Cities, and more broadly metropolitan areas, are the laboratories where many next-generation mobility concepts and technologies are being tested, and where the transformation of transportation will first become evident.
Metropolitan areas are key to the success of new mobility. They are the centers where people choose to coexist in close proximity to take advantage of the services and other benefits, such as culture and entertainment, that this coexistence enables. Because of the advantages metropolitan areas offer, their population is anticipated to rise dramatically. Urban populations surpassed rural populations just before 2010. Since that time, urban populations have continued to grow at the expense of rural populations. According to the United Nations Population Division, by 2050 the urban population will represent almost 70% of the earth’s total population. By then we will have at least 40 megacities and several hundred cities whose population will be at least 1 million people. Even with the movement away from city centers that is now observed and attributed to the pandemic, and the recently adopted work from home practices, metropolitan areas will remain a pole of attraction because of everything they offer. People may move to suburbs as they seek larger residences to accommodate their home-office, or to second-tier cities where they can enjoy lower cost of living, but it is unlikely they will permanently move to rural areas. Because they will hold the largest percentage of the earth’s population, cities have the right scale and complexity to be the laboratories of next-generation mobility, influence its development, and realize the impact of its transformative power.
Most cities are unprepared to address the transportation problems they will face as a result of growing urbanization. In a recent report, McKinsey identifies the characteristics of 50 “superstar” cities. These cities account for 8% of the global population and 21% of the global GDP; 45% of them are homes to corporations with more than $1 billion in annual revenues. Even the cities in this set already face growing urban transportation problems because they have underinvested in their transportation infrastructures. Megacities such as New York, São Paulo, Mexico City, and Mumbai find themselves in this predicament today. Most cities around the world, including many U.S. cities like New York, are quickly realizing the multi-billion-dollar price tag required just to upgrade their transportation and communication infrastructures to the levels required by next-generation mobility. In the analysis Amazon conducted while trying to determine where to place the company’s second headquarters, transportation infrastructure quality was one of the selection criteria. Few are the cities that today make transportation a top priority and are investing heavily in intelligent transportation.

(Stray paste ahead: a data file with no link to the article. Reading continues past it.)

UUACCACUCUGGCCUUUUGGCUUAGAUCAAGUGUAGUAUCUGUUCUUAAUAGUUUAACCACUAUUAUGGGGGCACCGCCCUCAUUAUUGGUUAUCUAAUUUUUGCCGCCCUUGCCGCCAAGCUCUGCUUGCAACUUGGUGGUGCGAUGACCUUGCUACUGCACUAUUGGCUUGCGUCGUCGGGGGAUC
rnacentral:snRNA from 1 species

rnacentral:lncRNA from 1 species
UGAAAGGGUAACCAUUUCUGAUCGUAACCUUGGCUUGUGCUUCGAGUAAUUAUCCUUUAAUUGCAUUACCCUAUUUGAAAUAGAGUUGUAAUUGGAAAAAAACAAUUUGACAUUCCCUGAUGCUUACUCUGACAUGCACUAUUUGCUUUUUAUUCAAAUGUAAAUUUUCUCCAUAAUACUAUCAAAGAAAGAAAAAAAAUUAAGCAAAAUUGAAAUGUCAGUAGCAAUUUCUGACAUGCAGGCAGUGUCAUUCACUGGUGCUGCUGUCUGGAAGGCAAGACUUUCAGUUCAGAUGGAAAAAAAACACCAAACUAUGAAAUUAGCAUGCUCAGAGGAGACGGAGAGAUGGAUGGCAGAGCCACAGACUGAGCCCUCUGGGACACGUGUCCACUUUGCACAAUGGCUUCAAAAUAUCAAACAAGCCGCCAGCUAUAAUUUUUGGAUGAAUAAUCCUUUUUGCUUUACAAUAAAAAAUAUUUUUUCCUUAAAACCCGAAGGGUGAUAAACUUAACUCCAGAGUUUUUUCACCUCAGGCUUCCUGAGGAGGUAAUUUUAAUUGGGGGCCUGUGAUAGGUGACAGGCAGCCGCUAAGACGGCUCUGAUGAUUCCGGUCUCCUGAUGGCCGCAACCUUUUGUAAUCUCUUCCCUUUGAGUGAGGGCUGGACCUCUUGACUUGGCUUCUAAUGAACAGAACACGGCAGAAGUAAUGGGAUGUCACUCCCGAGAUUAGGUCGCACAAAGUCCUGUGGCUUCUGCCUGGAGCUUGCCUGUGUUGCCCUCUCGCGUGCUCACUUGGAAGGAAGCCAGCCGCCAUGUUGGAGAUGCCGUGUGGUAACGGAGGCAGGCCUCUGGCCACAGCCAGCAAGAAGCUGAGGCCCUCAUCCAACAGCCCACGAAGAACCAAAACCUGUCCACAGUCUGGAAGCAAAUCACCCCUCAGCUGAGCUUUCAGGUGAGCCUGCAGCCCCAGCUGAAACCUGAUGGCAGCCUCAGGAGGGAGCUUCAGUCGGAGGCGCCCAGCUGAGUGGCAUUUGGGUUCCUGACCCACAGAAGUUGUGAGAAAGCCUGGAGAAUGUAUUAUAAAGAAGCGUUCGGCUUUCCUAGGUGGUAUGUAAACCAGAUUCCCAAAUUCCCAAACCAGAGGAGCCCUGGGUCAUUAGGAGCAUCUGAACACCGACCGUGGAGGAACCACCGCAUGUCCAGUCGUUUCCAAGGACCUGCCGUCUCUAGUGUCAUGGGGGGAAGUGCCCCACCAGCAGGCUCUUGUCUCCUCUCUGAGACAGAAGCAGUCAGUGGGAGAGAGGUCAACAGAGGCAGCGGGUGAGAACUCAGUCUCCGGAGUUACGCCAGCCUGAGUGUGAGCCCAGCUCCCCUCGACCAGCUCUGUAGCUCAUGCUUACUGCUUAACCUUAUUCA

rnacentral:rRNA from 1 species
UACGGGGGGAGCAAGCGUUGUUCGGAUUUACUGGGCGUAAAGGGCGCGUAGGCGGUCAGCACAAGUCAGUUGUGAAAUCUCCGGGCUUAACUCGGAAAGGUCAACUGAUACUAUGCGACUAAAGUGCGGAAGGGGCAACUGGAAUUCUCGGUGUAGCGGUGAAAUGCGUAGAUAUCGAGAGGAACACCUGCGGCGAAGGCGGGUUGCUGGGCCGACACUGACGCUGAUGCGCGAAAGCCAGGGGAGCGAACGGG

A city’s characteristics impact its population’s transportation preferences. Cities, and by extension metropolitan areas, develop and grow either vertically or horizontally. It may develop this way by choice, as is the case with many new cities being built in Asia, or by necessity, because of land constraints. Cities like Lusail in Qatar or King Abdullah Economic City in Saudi Arabia are vertical by design. Cities like Manhattan, San Francisco, Berlin, Singapore, and Hong Kong have developed vertically because of land constraints. Vertical cities are characterized by high population densities, require smaller transportation infrastructures to accommodate their populations, and a higher percent of their populations, particularly in cities with younger demographics, tends to embrace walking and micromobility.
A horizontal city develops and expands outward. It is characterized by lower population density, and often lacks a master development plan. Horizontal cities tend to evolve in response to developers, rather than urban planners. Metropolitan areas like Los Angeles, Atlanta, Paris, Tokyo and Bangkok are horizontal. As a consequence of this evolution, their traffic patterns develop differently. Transportation planning becomes harder and more expensive. We find that horizontal city populations tend to prefer privately owned vehicles and public transportation modalities for their mobility.
In Transportation Transformation I explain that as we enter the second phase of next-generation mobility, metropolitan areas must determine the role they want to play as transportation transforms around them. This will require each metropolitan area to:
- Determine where transportation falls in relation to the other priorities such as social services, public safety, and low-income housing and how it relates to problems such as congestion, and pollution.